- Each original channel can be kept as 16-bit.
- More than 3 channels can be merged and kept separate. Each channel can be selected via the scroll bar at the bottom of the window.
- The contrast and brightness of individual channels can be adjusted after merging.
Color composite images can be converted to 24-bit RGB via the ‘Channels Tool’ dialog box.
The disadvantage of the Composite image type is that this relatively recent Fiji development is not supported by all existing plugins. Sometime the composite can revert to a multi-slice stack. To convert it back to a composite you can use the menu command Image › Color › Make Composite.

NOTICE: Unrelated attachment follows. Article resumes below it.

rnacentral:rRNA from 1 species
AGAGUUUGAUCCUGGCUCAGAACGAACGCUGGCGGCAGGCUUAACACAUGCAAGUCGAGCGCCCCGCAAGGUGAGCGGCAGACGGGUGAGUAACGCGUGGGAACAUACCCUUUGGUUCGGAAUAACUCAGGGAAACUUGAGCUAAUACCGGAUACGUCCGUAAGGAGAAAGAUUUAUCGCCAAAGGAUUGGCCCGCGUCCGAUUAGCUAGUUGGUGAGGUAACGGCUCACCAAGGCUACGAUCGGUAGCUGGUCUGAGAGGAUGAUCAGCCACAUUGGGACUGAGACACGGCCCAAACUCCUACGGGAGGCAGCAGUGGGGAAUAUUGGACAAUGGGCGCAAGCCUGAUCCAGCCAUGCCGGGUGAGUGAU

Merging multi-channel images
Interleaved multi-channel experiments
Multi-channel experiments acquired on some systems are imported with the different channels interleaved, i.e. Slice 1 is Timepoint1-channel1 and Slice 2 is Timepoint1-channel2. The stack needs to be “De-interleaved” before it can be RGB-merged. This can be done with Image › Stacks › Tools › Deinterleave and entering the number of channels in the dialog (typically “2”). You can also choose to check a box for whether or not the source stacks should be kept. The two stacks can then be merged via: Image › Color › RGB merge.
RGB color merging
The native Fiji function Image › Color › Merge Channels… can be used to merge red, green and/or blue channel images or Image Stacks
This reduces 16-bit images to 8-bits (based on the current Brightness and Contrast values) then generates a 24-bit RGB image.
An alternative to the normal Red-Green merge is to merge the images based on Cyan and Magenta, or Cyan-Yellow or any other color combination.